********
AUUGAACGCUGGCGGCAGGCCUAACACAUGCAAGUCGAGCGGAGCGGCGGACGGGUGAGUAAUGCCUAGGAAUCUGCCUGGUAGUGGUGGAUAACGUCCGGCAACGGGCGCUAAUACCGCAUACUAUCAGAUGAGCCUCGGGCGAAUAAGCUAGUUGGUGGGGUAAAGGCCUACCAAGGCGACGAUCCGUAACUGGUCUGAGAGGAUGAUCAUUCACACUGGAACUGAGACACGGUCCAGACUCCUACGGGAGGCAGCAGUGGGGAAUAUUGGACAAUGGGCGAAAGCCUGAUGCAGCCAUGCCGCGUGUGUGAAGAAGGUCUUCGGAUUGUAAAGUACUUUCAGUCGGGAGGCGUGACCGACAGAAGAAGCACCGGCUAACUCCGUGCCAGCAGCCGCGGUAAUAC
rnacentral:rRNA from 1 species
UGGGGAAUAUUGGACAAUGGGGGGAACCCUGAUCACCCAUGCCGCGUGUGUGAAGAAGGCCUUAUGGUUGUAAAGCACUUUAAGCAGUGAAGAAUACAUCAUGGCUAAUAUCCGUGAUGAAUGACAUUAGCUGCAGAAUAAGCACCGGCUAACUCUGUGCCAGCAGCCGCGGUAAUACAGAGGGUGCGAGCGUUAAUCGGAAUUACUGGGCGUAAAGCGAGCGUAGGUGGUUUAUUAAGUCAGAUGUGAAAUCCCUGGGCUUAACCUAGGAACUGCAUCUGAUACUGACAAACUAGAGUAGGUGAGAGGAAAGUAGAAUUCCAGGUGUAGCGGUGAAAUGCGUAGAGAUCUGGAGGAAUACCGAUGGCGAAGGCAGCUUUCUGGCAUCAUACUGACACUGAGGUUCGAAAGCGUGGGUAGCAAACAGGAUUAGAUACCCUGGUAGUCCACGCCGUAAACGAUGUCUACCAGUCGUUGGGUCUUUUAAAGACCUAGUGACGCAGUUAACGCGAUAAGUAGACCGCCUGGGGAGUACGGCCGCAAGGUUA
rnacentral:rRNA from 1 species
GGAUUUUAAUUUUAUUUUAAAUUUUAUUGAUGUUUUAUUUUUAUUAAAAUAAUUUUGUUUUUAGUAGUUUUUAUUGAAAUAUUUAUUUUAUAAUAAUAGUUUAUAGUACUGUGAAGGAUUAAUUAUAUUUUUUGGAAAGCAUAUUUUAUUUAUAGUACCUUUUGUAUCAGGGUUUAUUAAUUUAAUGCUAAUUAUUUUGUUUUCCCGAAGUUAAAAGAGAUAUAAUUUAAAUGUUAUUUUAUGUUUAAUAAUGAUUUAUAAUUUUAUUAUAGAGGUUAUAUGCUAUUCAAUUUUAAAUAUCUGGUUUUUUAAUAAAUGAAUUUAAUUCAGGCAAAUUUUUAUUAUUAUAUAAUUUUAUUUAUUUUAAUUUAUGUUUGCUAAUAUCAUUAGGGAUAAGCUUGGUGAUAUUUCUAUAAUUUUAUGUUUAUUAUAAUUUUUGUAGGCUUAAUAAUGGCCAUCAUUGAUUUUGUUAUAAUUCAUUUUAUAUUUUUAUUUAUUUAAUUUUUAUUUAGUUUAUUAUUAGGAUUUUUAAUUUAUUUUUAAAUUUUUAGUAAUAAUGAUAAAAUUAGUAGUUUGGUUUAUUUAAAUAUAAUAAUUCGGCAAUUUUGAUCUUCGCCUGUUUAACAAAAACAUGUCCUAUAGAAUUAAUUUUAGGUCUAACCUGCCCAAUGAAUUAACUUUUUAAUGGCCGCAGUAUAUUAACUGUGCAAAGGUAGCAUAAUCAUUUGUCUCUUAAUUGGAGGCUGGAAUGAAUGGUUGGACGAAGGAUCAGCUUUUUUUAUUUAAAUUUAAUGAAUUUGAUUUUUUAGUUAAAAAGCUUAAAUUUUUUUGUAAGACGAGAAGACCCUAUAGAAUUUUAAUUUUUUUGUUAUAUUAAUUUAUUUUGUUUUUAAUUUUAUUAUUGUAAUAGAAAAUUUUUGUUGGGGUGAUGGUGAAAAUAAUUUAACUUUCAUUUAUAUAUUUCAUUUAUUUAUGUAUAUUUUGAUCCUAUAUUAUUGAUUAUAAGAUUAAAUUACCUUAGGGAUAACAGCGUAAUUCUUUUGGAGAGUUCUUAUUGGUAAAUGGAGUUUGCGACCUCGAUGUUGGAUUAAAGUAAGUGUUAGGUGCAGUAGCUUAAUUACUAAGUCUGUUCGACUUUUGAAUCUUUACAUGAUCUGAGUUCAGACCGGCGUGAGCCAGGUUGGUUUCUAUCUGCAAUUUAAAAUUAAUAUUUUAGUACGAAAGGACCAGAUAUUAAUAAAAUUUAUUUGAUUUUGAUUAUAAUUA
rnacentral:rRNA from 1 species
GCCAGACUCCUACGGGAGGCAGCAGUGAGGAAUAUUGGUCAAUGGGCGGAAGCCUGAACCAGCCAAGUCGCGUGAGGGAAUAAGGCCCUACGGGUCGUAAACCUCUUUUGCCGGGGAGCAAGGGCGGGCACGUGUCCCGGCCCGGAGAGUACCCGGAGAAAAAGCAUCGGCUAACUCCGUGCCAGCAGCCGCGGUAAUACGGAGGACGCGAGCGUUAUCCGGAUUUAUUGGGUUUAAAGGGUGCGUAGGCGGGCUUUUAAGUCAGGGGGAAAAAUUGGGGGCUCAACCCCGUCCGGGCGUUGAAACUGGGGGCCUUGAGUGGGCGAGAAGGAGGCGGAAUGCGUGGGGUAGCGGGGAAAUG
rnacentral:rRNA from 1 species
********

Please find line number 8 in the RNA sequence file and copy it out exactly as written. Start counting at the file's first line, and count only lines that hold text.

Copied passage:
rnacentral:rRNA from 1 species